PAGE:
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Glossary note on glossary and orthography Given the colonial experience and the prominence of the English language in South Africa, but particularly in KwaZulu-Natal, a number of Zulu terms have been anglicized over the years and gained popular usage throughout South Africa. The Zulu word for medicine, umuThi, is thus popularly called “muthi” and sometimes spelled in a non-Zulu way as “muti.” In order to avoid confusing those who are not familiar with the Zulu language I have taken the liberty of using these anglicized terms and anglicizing Zulu plurals by adding an s; thus many medicines would be “muthis.” In quotations I have left the spelling of Zulu plurals as they appear in the original. In order to help the reader I have included a glossary below of Zulu terms with both the singular and plural forms. The spelling of terms here is in contemporary Zulu, though quotations from primary sources often reflect older orthographic traditions of Zulu spelling. zulu terms Singular or Verb Plural Meaning Assegai spear iBandla council of elder statespersons imBongi bard or one who recites the history of the nation or praise poems for the chief or king 247 You are reading copyrighted material published by Ohio University Press/Swallow Press. Unauthorized posting, copying, or distributing of this work except as permitted under U.S. copyright law is illegal and injures the author and publisher. Singular or Verb Plural Meaning izibongo praises and history of the nation ukuBula to divine by smiting with sticks in response to an isaNgoma’s questions uButho amaButho sing: soldier; pl: soldiers or regiment iDlozi amaDlozi ancestral spirit inDuna izinDuna a councilor or headman of a chief iziDwedwe material containing body dirt which carries the essence of a person and is thus used for ritualistic purposes or is mixed with muthi for evil purposes ukuGcaba to make incisions in the skin and rub in medicine isiGodlo iziGodlo private area of the king’s enclosure that housed the king’s wives, children , and concubines as well as the nation’s inKatha uGxa initial fee of a doctor umHlahlo imiHlahlo an assembly at which isaNgomas are asked to divine uHlaka abaHlaka apprentice of a healer, who carries the umuThi inKatha izinKatha ceremonial grass coil used to ensure the solidarity and strength of the chiefdom or kingdom umKhando imiKhando finely ground Indian powders used in umuThi uKholwa amaKholwa African Christian converts, usually fairly educated and better off economically 248 w Glossary You are reading copyrighted material published by Ohio University Press/Swallow Press. Unauthorized posting, copying, or distributing of this work except as permitted under U.S. copyright law is illegal and injures the author and publisher. Singular or Verb Plural Meaning umKhosi First Fruits ceremony marked the eating of the season’s first crops by the king, as well as the ritual empowerment of the king, nation, and soldiers by the king’s doctors umKhuhlane imiKhuhlane illness caused by natural origins ukuKonza to pledge allegiance to iLobolo gift exchange given to the maternal family at time of marriage umLozi imiLozi whistling spirit which usually emanates from the roof of a structure umlozikazana abalozikazana person who channels an umLozi or whistling spirit iMpaka iziMpaka cat that acts as the familiar of an umThakathi (defined below) isaNgoma/isaNuse izaNgoma/izaNuse healer who uses the power of the ancestors to divine or “smell out” the cause of illness and can intervene between the living and the amaDlozi iNyanga iziNyanga specialist or healer who uses umuthi alone inSila izinSila body dirt umSutu abaSutu doctor who strengthens the army and nation inTelezi izinTelezi protective medicine umThakathi abaThakathi witch, evil-doer, or criminal; sometimes spelled umthagathi umThandazi abaThandazi healers who use the power of the holy ghost and Christian prayer to heal Glossary w 249 You are reading copyrighted material published by Ohio University Press/Swallow Press. Unauthorized posting, copying, or distributing of this work except as permitted under U.S. copyright law is illegal and injures the author and publisher. umuThi imiThi medicine; can include herbs, animals , minerals, and/or chemicals isiThundu vessel for carrying magical medicines , owned by powerful chiefs and kings umTwasa abaTwasa an iSangoma initiate who is alerted to his/her calling by ailments particular to an umTwasa ukuTwasa to undergo illness/initiation to become an iSangoma 250 w Glossary You are reading copyrighted material published by Ohio University Press/Swallow Press. Unauthorized posting, copying, or distributing of this work except as permitted under U.S. copyright law is illegal and injures...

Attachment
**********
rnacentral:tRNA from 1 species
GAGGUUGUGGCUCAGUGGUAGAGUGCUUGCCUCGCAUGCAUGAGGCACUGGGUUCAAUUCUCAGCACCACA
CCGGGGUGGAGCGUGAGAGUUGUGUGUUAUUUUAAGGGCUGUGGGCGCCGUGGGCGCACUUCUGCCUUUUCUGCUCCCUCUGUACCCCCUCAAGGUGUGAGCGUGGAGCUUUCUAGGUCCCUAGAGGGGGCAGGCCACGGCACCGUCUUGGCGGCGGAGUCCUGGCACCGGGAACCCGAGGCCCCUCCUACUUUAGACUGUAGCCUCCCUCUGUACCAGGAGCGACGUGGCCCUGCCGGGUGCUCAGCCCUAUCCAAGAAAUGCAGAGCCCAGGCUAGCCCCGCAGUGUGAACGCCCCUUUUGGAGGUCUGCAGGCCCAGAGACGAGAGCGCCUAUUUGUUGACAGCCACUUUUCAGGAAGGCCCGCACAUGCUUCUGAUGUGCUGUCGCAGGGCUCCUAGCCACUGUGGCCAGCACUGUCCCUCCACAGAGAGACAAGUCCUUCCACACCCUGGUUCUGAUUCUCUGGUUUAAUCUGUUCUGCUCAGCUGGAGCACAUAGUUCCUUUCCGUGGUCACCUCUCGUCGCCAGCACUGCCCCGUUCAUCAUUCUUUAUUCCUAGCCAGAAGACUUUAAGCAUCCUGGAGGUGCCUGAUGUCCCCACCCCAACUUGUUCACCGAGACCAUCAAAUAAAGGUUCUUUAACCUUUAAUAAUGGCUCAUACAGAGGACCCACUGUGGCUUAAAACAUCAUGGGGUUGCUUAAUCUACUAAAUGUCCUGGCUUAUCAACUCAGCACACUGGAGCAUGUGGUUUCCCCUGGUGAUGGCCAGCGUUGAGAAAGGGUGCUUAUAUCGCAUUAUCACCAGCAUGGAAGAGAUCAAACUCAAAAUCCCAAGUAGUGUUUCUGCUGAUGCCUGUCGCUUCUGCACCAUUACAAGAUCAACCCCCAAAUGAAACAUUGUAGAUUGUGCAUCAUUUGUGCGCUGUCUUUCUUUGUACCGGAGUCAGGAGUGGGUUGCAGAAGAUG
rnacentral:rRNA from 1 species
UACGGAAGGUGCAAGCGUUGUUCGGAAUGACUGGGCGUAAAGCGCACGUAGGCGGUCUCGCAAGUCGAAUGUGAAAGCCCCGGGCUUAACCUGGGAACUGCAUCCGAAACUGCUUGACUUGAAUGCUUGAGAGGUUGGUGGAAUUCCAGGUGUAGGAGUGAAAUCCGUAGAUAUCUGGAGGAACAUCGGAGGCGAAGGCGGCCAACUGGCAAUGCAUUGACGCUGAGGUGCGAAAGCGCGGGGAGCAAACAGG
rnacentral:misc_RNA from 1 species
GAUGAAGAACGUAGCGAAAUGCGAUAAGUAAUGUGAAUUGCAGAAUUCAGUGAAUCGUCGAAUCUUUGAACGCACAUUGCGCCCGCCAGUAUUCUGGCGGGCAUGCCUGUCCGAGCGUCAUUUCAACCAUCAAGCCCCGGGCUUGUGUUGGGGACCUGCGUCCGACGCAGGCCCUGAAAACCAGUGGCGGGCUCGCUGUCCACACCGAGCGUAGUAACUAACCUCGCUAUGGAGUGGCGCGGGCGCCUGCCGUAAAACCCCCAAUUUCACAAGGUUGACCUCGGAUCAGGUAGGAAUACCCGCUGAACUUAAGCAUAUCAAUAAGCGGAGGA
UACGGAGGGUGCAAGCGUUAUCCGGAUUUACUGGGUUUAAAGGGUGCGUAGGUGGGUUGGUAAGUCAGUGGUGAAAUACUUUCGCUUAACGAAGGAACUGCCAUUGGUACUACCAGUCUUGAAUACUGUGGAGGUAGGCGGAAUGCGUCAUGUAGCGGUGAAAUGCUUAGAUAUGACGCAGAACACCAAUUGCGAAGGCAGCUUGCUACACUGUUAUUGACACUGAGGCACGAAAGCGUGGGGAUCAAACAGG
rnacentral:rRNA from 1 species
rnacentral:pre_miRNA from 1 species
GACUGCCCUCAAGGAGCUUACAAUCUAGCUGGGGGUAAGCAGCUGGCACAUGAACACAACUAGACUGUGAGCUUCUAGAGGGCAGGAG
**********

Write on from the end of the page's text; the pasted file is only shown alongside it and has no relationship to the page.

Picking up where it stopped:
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Additional Information

ISBN
9780821443026
Related ISBN
9780821418505
MARC Record
OCLC
742512921
Launched on MUSE
2012-01-01
Language
English
Open Access
No
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